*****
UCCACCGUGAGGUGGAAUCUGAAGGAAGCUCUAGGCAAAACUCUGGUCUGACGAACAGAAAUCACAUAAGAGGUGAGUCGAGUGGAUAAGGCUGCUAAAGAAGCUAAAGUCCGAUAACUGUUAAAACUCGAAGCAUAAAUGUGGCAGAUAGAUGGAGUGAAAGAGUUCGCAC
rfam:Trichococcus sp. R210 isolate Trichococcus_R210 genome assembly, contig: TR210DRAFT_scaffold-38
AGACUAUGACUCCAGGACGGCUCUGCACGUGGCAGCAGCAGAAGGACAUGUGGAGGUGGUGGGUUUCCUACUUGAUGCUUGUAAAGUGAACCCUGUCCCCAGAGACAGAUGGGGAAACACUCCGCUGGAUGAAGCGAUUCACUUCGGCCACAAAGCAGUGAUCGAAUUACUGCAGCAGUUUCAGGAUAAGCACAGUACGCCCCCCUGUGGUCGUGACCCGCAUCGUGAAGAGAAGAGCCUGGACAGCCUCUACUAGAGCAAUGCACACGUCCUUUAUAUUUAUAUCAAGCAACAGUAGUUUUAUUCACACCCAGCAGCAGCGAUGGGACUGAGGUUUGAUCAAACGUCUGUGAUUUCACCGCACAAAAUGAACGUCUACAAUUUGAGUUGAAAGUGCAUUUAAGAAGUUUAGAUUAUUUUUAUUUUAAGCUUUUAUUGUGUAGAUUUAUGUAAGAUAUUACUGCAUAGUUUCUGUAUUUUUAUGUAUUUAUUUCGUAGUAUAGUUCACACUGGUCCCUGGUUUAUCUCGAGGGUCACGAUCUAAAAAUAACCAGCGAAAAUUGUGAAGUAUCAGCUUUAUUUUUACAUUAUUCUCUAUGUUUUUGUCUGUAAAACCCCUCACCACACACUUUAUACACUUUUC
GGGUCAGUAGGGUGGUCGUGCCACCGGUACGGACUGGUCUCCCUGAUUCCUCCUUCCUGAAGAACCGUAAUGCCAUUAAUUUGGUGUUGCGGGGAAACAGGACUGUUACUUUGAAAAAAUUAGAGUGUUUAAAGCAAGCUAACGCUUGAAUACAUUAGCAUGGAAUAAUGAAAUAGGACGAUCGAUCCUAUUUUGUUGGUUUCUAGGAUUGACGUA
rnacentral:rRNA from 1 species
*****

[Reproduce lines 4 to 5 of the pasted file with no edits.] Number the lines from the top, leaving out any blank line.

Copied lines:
GGGUCAGUAGGGUGGUCGUGCCACCGGUACGGACUGGUCUCCCUGAUUCCUCCUUCCUGAAGAACCGUAAUGCCAUUAAUUUGGUGUUGCGGGGAAACAGGACUGUUACUUUGAAAAAAUUAGAGUGUUUAAAGCAAGCUAACGCUUGAAUACAUUAGCAUGGAAUAAUGAAAUAGGACGAUCGAUCCUAUUUUGUUGGUUUCUAGGAUUGACGUA
rnacentral:rRNA from 1 species